What to Know
- A Broward Sheriff's deputy seen in body camera footage punching a suspect who was handcuffed to a hospital bed has lost his job.
- Deputy Jorge Sobrino has been fired following an internal affairs investigation into the Jan. 1 incident, Broward Sheriff Gregory Tony said.
A Broward Sheriff's deputy seen in body camera footage punching a suspect who was handcuffed to a hospital bed has lost his job.
Deputy Jorge Sobrino has been fired following an internal affairs investigation into the January 1 incident at Broward Health North, Broward Sheriff Gregory Tony announced Wednesday.
"We cannot allow for a small fraction, that .001 percent of deputies who may step out of line, who may violate policy, to be reflective of an agency of 5,500 employees," Tony told reporters at a news conference. "We're not gonna sidestep these incident when they take place. We will not turn a blind eye and act as though we did not know."
Prosecutors charged Sobrino in June with misdemeanor battery. The allegations stemmed from the arrest of 27-year-old David Rafferty O'Connell on charges of disorderly conduct, battery on a law enforcement officer and resisting an officer without violence.
Sobrino's body cam footage showed the deputy with O'Connell at Broward Health North after O'Connell was arrested at a Walmart in Pompano Beach. An arrest report said O'Connell and a woman were arrested at the Walmart after they were suspected of trying to fraudulently return ink cartridges.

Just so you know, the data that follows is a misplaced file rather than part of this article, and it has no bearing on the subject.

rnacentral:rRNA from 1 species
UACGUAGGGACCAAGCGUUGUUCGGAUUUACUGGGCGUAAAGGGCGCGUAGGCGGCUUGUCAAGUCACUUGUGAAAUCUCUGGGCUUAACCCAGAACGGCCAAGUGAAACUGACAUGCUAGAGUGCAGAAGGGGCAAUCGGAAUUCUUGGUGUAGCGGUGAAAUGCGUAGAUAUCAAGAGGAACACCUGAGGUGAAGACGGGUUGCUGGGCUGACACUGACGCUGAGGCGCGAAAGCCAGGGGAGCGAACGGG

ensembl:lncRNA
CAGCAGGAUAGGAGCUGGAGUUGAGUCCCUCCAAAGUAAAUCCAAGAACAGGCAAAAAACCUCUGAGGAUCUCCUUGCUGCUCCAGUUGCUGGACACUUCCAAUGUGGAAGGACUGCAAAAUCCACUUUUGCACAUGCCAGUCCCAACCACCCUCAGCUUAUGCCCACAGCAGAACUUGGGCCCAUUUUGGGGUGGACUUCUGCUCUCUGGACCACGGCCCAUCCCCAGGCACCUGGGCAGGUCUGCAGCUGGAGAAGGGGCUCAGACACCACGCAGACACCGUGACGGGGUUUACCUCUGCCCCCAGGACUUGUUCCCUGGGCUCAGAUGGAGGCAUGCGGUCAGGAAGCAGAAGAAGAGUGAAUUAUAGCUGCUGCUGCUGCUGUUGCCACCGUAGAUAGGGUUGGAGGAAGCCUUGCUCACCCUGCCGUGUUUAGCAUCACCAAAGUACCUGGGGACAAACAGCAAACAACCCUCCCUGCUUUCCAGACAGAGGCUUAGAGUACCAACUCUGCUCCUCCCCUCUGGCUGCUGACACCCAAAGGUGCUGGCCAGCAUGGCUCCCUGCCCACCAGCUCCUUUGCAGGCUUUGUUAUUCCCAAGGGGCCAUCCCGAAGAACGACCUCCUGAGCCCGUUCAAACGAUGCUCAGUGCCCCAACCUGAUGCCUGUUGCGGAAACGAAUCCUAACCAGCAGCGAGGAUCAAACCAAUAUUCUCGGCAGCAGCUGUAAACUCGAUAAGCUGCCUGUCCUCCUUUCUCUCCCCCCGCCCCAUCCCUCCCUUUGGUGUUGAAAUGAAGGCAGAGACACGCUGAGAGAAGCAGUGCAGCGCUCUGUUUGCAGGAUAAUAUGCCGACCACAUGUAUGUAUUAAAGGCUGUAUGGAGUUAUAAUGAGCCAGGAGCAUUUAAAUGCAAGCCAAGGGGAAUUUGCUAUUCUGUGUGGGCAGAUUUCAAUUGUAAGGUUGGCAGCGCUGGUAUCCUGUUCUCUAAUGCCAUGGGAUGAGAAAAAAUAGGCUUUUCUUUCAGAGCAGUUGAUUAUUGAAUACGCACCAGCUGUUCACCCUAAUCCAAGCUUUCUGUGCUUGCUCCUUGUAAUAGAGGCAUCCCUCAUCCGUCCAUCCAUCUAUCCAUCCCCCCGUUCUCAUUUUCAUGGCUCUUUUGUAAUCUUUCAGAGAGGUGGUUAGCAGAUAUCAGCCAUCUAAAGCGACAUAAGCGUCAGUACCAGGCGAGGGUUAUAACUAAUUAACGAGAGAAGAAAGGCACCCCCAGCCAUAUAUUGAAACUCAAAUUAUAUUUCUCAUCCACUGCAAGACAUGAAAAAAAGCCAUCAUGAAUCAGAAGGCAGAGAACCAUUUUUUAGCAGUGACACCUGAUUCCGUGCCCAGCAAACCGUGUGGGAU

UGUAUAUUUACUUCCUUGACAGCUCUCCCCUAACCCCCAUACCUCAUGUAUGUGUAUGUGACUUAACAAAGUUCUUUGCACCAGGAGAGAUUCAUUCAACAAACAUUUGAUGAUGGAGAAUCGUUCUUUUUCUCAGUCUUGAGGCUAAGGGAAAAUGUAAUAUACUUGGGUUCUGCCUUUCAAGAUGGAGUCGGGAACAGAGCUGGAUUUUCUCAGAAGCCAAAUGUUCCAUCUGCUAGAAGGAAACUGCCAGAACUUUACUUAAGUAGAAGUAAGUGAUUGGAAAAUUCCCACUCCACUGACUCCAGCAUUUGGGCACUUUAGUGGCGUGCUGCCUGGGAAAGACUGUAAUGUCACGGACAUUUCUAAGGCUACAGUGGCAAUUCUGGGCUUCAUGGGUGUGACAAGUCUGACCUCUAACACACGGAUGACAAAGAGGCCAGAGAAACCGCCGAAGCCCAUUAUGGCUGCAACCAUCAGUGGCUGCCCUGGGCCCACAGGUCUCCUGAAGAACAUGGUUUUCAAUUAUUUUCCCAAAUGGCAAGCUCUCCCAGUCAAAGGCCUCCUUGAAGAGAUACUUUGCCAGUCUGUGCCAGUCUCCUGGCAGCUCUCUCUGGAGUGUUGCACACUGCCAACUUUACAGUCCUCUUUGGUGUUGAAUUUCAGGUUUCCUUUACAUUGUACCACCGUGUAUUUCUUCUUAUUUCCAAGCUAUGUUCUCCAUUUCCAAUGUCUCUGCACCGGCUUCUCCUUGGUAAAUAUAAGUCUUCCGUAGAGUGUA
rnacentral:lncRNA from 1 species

In the footage, O'Connell repeatedly said he wanted to leave the hospital, but Sobrino told him that he had to be medically cleared per department policy. O'Connell had his right hand handcuffed to a hospital bed while he waited for a doctor to examine him.
At one point, O'Connell had to urinate and kneeled in the bed to use a urinal. The Broward Public Defender's Office said O'Connell inadvertently spilled urine on himself and the bed and had to re-position himself to avoid the urine.
After that, O'Connell got back on his knees and again said that he didn't want to stay in the hospital and started cursing at Sobrino, the video showed. Sobrino then moved in, punched O'Connell, and handcuffed his other arm to the bed.
"While awaiting medical clearance, the defendant began yelling inside the hospital and attempting to stand from his hospital bed. When attempting to seat the defendant down on the hospital bed and further restrain him, the defendant intentionally placed his hand on my upper chest against my will and pushed me, there for [sic] committing a battery against my person," Sobrino wrote in the arrest report.
In a letter sent to Sheriff Tony back in April, Broward public defender Howard Finkelstein and executive chief assistant public defender Gordon Weekes said O'Connell didn't push Sobrino in the chest.
"Deputy Sobrino's version of the incident vastly differs from the facts as displayed in the video. The video shows clear police abuse," the letter read. "Deputy Sobrino punched Mr. O'Connell in the face without physical provocation because he was frustrated with Mr. O'Connell. Punching a restrained individual who is not physically aggressive is unacceptable."
Weekes said prosecutors dropped the battery on a law enforcement officer charge against O'Connell on the day trial was supposed to start. The only charge that remained was a resisting arrest charge from the incident at Walmart.
Sobrino, who had been with the department since January 2015, was immediately suspended without pay after the charge was filed in June.